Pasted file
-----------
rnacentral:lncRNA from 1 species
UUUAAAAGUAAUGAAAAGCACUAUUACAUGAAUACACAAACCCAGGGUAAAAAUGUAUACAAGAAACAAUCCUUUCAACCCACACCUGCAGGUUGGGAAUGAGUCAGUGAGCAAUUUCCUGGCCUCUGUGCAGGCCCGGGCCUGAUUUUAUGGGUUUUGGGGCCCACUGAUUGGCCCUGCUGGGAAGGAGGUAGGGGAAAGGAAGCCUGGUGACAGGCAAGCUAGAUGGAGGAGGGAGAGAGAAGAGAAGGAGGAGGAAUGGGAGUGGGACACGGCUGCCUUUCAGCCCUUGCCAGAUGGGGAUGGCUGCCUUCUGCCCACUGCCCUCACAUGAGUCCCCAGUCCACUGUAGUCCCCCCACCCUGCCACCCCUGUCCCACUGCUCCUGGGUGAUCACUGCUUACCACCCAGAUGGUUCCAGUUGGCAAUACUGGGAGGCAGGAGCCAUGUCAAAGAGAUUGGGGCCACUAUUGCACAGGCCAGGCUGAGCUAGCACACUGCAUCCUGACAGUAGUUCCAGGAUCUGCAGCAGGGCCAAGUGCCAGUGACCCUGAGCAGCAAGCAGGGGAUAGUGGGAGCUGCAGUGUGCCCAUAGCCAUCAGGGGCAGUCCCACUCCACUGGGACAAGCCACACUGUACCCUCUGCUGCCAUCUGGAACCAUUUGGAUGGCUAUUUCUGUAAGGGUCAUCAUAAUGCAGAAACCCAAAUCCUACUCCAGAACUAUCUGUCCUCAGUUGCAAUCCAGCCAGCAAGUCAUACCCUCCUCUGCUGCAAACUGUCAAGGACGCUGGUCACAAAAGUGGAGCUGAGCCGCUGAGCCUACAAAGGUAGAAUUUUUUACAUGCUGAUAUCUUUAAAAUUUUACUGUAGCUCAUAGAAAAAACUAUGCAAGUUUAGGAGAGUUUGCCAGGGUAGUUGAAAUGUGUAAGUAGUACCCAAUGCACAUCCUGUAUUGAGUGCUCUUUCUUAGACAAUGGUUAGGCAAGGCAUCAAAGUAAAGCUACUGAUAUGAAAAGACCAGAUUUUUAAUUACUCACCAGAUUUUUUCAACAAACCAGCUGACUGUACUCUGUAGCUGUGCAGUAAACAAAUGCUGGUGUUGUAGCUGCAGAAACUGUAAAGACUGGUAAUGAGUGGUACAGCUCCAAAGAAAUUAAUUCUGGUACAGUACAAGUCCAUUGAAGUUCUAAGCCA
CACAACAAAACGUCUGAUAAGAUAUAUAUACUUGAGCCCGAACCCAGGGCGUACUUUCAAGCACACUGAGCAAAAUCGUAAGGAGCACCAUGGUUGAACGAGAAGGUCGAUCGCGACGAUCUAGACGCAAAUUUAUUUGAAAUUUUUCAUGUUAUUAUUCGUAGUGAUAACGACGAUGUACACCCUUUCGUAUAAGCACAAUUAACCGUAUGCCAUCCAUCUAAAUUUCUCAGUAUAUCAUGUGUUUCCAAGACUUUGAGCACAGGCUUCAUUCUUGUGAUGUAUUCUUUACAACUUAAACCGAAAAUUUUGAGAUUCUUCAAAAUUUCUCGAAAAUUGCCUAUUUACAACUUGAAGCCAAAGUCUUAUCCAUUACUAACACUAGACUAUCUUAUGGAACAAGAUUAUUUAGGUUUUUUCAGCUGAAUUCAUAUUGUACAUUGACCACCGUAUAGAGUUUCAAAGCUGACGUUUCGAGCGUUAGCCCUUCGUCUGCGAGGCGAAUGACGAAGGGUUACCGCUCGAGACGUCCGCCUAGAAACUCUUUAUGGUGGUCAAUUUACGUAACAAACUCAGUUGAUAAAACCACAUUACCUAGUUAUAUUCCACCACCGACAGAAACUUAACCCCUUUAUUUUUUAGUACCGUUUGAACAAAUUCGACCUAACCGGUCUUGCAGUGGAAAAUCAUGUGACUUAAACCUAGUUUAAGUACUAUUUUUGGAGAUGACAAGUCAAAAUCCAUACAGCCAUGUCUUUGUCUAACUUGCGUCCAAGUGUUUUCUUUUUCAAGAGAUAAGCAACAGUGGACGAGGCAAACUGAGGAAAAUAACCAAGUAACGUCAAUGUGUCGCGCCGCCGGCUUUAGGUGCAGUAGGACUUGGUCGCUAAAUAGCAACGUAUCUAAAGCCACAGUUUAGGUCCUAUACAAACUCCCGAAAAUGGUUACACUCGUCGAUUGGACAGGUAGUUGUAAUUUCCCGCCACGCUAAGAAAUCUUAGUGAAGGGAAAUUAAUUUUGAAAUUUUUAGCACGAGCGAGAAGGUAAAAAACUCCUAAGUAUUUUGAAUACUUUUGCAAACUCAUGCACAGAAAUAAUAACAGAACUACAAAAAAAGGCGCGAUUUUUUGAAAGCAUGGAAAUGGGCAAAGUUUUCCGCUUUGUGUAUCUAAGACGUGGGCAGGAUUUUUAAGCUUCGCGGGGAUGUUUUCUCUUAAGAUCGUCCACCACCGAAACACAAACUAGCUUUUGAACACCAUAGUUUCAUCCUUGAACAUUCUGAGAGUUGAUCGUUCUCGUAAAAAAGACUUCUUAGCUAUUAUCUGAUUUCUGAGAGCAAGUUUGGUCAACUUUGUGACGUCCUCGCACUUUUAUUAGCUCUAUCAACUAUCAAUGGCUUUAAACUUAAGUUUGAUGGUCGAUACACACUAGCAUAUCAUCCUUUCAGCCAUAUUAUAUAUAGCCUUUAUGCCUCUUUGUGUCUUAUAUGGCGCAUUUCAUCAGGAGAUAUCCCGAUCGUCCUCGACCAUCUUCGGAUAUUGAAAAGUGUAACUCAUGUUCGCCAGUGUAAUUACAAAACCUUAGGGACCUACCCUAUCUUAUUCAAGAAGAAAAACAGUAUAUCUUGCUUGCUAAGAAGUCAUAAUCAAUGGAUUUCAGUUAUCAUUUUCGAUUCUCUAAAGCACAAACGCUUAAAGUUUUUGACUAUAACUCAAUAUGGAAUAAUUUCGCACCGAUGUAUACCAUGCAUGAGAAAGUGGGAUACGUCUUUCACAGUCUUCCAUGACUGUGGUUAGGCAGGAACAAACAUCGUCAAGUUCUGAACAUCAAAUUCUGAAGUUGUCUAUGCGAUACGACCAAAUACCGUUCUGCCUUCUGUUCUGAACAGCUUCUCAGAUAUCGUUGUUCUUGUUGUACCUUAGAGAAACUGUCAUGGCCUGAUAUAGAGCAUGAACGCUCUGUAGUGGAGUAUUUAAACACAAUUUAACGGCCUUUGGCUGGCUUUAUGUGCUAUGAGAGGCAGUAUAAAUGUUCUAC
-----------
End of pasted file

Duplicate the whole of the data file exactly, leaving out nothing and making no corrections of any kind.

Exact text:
rnacentral:lncRNA from 1 species
UUUAAAAGUAAUGAAAAGCACUAUUACAUGAAUACACAAACCCAGGGUAAAAAUGUAUACAAGAAACAAUCCUUUCAACCCACACCUGCAGGUUGGGAAUGAGUCAGUGAGCAAUUUCCUGGCCUCUGUGCAGGCCCGGGCCUGAUUUUAUGGGUUUUGGGGCCCACUGAUUGGCCCUGCUGGGAAGGAGGUAGGGGAAAGGAAGCCUGGUGACAGGCAAGCUAGAUGGAGGAGGGAGAGAGAAGAGAAGGAGGAGGAAUGGGAGUGGGACACGGCUGCCUUUCAGCCCUUGCCAGAUGGGGAUGGCUGCCUUCUGCCCACUGCCCUCACAUGAGUCCCCAGUCCACUGUAGUCCCCCCACCCUGCCACCCCUGUCCCACUGCUCCUGGGUGAUCACUGCUUACCACCCAGAUGGUUCCAGUUGGCAAUACUGGGAGGCAGGAGCCAUGUCAAAGAGAUUGGGGCCACUAUUGCACAGGCCAGGCUGAGCUAGCACACUGCAUCCUGACAGUAGUUCCAGGAUCUGCAGCAGGGCCAAGUGCCAGUGACCCUGAGCAGCAAGCAGGGGAUAGUGGGAGCUGCAGUGUGCCCAUAGCCAUCAGGGGCAGUCCCACUCCACUGGGACAAGCCACACUGUACCCUCUGCUGCCAUCUGGAACCAUUUGGAUGGCUAUUUCUGUAAGGGUCAUCAUAAUGCAGAAACCCAAAUCCUACUCCAGAACUAUCUGUCCUCAGUUGCAAUCCAGCCAGCAAGUCAUACCCUCCUCUGCUGCAAACUGUCAAGGACGCUGGUCACAAAAGUGGAGCUGAGCCGCUGAGCCUACAAAGGUAGAAUUUUUUACAUGCUGAUAUCUUUAAAAUUUUACUGUAGCUCAUAGAAAAAACUAUGCAAGUUUAGGAGAGUUUGCCAGGGUAGUUGAAAUGUGUAAGUAGUACCCAAUGCACAUCCUGUAUUGAGUGCUCUUUCUUAGACAAUGGUUAGGCAAGGCAUCAAAGUAAAGCUACUGAUAUGAAAAGACCAGAUUUUUAAUUACUCACCAGAUUUUUUCAACAAACCAGCUGACUGUACUCUGUAGCUGUGCAGUAAACAAAUGCUGGUGUUGUAGCUGCAGAAACUGUAAAGACUGGUAAUGAGUGGUACAGCUCCAAAGAAAUUAAUUCUGGUACAGUACAAGUCCAUUGAAGUUCUAAGCCA
CACAACAAAACGUCUGAUAAGAUAUAUAUACUUGAGCCCGAACCCAGGGCGUACUUUCAAGCACACUGAGCAAAAUCGUAAGGAGCACCAUGGUUGAACGAGAAGGUCGAUCGCGACGAUCUAGACGCAAAUUUAUUUGAAAUUUUUCAUGUUAUUAUUCGUAGUGAUAACGACGAUGUACACCCUUUCGUAUAAGCACAAUUAACCGUAUGCCAUCCAUCUAAAUUUCUCAGUAUAUCAUGUGUUUCCAAGACUUUGAGCACAGGCUUCAUUCUUGUGAUGUAUUCUUUACAACUUAAACCGAAAAUUUUGAGAUUCUUCAAAAUUUCUCGAAAAUUGCCUAUUUACAACUUGAAGCCAAAGUCUUAUCCAUUACUAACACUAGACUAUCUUAUGGAACAAGAUUAUUUAGGUUUUUUCAGCUGAAUUCAUAUUGUACAUUGACCACCGUAUAGAGUUUCAAAGCUGACGUUUCGAGCGUUAGCCCUUCGUCUGCGAGGCGAAUGACGAAGGGUUACCGCUCGAGACGUCCGCCUAGAAACUCUUUAUGGUGGUCAAUUUACGUAACAAACUCAGUUGAUAAAACCACAUUACCUAGUUAUAUUCCACCACCGACAGAAACUUAACCCCUUUAUUUUUUAGUACCGUUUGAACAAAUUCGACCUAACCGGUCUUGCAGUGGAAAAUCAUGUGACUUAAACCUAGUUUAAGUACUAUUUUUGGAGAUGACAAGUCAAAAUCCAUACAGCCAUGUCUUUGUCUAACUUGCGUCCAAGUGUUUUCUUUUUCAAGAGAUAAGCAACAGUGGACGAGGCAAACUGAGGAAAAUAACCAAGUAACGUCAAUGUGUCGCGCCGCCGGCUUUAGGUGCAGUAGGACUUGGUCGCUAAAUAGCAACGUAUCUAAAGCCACAGUUUAGGUCCUAUACAAACUCCCGAAAAUGGUUACACUCGUCGAUUGGACAGGUAGUUGUAAUUUCCCGCCACGCUAAGAAAUCUUAGUGAAGGGAAAUUAAUUUUGAAAUUUUUAGCACGAGCGAGAAGGUAAAAAACUCCUAAGUAUUUUGAAUACUUUUGCAAACUCAUGCACAGAAAUAAUAACAGAACUACAAAAAAAGGCGCGAUUUUUUGAAAGCAUGGAAAUGGGCAAAGUUUUCCGCUUUGUGUAUCUAAGACGUGGGCAGGAUUUUUAAGCUUCGCGGGGAUGUUUUCUCUUAAGAUCGUCCACCACCGAAACACAAACUAGCUUUUGAACACCAUAGUUUCAUCCUUGAACAUUCUGAGAGUUGAUCGUUCUCGUAAAAAAGACUUCUUAGCUAUUAUCUGAUUUCUGAGAGCAAGUUUGGUCAACUUUGUGACGUCCUCGCACUUUUAUUAGCUCUAUCAACUAUCAAUGGCUUUAAACUUAAGUUUGAUGGUCGAUACACACUAGCAUAUCAUCCUUUCAGCCAUAUUAUAUAUAGCCUUUAUGCCUCUUUGUGUCUUAUAUGGCGCAUUUCAUCAGGAGAUAUCCCGAUCGUCCUCGACCAUCUUCGGAUAUUGAAAAGUGUAACUCAUGUUCGCCAGUGUAAUUACAAAACCUUAGGGACCUACCCUAUCUUAUUCAAGAAGAAAAACAGUAUAUCUUGCUUGCUAAGAAGUCAUAAUCAAUGGAUUUCAGUUAUCAUUUUCGAUUCUCUAAAGCACAAACGCUUAAAGUUUUUGACUAUAACUCAAUAUGGAAUAAUUUCGCACCGAUGUAUACCAUGCAUGAGAAAGUGGGAUACGUCUUUCACAGUCUUCCAUGACUGUGGUUAGGCAGGAACAAACAUCGUCAAGUUCUGAACAUCAAAUUCUGAAGUUGUCUAUGCGAUACGACCAAAUACCGUUCUGCCUUCUGUUCUGAACAGCUUCUCAGAUAUCGUUGUUCUUGUUGUACCUUAGAGAAACUGUCAUGGCCUGAUAUAGAGCAUGAACGCUCUGUAGUGGAGUAUUUAAACACAAUUUAACGGCCUUUGGCUGGCUUUAUGUGCUAUGAGAGGCAGUAUAAAUGUUCUAC